ATLANTA -- Georgia's Professional Standards Commission issued punishments to 11 educators implicated in the Atlanta Public Schools cheating scandal Thursday afternoon.
Eight teachers were given a two-year suspension of their teaching certificates, while three administrators had their certificates revoked.
"There are certain actions that taint the integrity of our profession, and cheating would be one of those," said Kelly Henson of the PSC. "No matter what your thoughts are on high-stakes testing, nothing gives one the right to cheat."
Each of the 11 will receive a formal letter from the PSC next week, outlining the moves against them and giving each educator 30 days to respond to the PSC's actions. Each educator will have the option to accept the punishment or to fight it.
Many of them already are trying to make the case that the punishment is unjust.
They can't wait to have their day in court.
An attorney for some of the teachers, Borquaye Thomas, told 11Alive's Jon Shirek Thursday that the Professional Standards Commission is taking away teachers' licenses based only on what he called the unproven hearsay that makes up, he said, much of the governor's report on the cheating.
"What information, what evidence, does the PSC have? And I submit to you that they have absolutely nothing. And so when you ask, was their investigation thorough, the question is, what investigation did they do, besides reading the report? Have they talked to any potential witnesses, have they spoken to any teachers, have they spoken to any students, have they spoken to our teachers -- our clients? The answer is no.... I think that, on a case by case basis, there are individuals who probably should not be implicated at all. And there are individuals who, perhaps, deserve a suspension. But without evidence, without proving anything, without question a one-year suspension, a two-year suspension, or a revocation, is unwaranted."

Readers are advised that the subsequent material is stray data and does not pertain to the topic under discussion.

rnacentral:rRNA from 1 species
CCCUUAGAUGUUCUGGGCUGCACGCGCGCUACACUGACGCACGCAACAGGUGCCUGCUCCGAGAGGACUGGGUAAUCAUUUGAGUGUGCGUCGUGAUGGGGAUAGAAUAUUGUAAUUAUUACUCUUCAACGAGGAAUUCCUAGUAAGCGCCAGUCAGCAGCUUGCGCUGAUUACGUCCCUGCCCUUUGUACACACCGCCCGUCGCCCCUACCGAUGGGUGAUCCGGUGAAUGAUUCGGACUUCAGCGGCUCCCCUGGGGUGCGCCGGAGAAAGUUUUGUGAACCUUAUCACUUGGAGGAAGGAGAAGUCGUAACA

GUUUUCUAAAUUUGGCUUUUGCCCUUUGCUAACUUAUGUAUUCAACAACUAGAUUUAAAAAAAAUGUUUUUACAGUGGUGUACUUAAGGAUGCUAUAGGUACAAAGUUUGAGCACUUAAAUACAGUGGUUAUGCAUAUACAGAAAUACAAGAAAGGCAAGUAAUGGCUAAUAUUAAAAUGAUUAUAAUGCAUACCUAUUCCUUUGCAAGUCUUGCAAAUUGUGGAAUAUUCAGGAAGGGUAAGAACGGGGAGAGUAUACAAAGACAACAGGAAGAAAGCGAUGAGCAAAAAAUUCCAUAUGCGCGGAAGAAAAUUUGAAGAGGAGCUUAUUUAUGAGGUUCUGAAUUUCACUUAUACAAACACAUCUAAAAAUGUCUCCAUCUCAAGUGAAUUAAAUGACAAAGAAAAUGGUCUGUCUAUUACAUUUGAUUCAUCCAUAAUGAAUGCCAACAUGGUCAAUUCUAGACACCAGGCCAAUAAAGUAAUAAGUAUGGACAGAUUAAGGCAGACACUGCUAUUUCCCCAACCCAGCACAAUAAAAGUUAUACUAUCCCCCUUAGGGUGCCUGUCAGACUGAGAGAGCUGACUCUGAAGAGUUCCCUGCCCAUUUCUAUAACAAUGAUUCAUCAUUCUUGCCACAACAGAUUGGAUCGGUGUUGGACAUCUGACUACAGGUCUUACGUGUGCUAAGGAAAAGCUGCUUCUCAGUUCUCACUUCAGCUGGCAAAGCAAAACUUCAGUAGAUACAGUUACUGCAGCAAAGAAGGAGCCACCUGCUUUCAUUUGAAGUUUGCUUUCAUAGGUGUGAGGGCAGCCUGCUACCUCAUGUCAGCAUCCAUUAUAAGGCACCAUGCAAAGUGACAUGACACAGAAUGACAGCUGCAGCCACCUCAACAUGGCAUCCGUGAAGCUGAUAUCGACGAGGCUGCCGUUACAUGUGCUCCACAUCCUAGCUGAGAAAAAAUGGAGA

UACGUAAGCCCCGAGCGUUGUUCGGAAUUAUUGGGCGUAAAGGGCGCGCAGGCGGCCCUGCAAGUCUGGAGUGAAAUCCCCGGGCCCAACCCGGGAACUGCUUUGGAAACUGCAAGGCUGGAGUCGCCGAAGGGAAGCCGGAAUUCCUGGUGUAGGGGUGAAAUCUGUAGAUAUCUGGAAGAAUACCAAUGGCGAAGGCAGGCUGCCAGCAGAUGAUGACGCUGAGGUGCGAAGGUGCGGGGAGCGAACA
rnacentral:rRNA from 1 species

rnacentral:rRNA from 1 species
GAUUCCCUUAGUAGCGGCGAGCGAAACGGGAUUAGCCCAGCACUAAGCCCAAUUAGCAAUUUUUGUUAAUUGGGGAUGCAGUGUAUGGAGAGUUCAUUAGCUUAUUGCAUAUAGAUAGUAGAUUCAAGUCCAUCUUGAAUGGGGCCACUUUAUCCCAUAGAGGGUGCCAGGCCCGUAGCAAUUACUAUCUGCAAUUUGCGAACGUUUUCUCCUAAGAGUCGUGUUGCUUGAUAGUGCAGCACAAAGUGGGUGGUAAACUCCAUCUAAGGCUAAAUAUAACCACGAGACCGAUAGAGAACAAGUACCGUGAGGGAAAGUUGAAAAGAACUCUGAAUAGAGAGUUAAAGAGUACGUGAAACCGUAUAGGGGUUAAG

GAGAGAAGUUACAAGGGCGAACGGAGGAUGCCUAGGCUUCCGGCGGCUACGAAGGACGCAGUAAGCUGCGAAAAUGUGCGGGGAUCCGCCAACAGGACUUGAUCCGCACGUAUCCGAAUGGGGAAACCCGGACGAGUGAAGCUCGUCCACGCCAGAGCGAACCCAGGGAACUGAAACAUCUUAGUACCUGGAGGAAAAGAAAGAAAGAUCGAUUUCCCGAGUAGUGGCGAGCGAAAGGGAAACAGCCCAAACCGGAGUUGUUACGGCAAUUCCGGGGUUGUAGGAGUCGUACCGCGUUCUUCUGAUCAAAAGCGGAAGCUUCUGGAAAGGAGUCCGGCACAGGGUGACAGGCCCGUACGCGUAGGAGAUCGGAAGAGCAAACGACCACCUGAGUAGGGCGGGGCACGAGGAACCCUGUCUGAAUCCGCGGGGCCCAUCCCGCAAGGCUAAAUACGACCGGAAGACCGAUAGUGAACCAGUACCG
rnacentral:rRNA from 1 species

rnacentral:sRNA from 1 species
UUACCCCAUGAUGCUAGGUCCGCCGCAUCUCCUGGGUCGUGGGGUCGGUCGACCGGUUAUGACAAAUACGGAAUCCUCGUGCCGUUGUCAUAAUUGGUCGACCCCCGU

If the educator chooses to fight the action, the case would then proceed to the office of Georgia Attorney General Sam Olens, which would then assign an administrative law judge to hold a public hearing where lawyers for the PSC and for the educator would argue the case.
After the judge renders a ruling, the losing side would be able to appeal any decision to the superior court. The case would then proceed through the general legal system as any other case would.
The names of the educators remain private for now. If the educator chooses to accept the actions of the PSC, that educator's name and full record would become public at that point. If the educator chooses to fight, the educator's name would not be revealed until the attorney general's office assigns a judge to the case.
If an educator's case is fought, the case could take as long as one to two years to completely wind out.
There are nearly 200 cases that the Professional Standards Commission is looking at in connection with the APS cheating scandal -- including ex-superintendent Dr. Beverly Hall.
The decisions voted on Thursday are the first cases under review, according to PSC spokesman Rick Eiserman. The commission expects to hear more cases at meetings each month through January.
In each case, the commission can issue a range of punishments, from a warning to a certificate revocation. Those punishments are separate from any possible criminal charges and move by APS to fire the teachers.
About 180 Atlanta Public Schools employees were implicated in the scandal after a state investigation revealed cheating in nearly half of the district's 100 schools.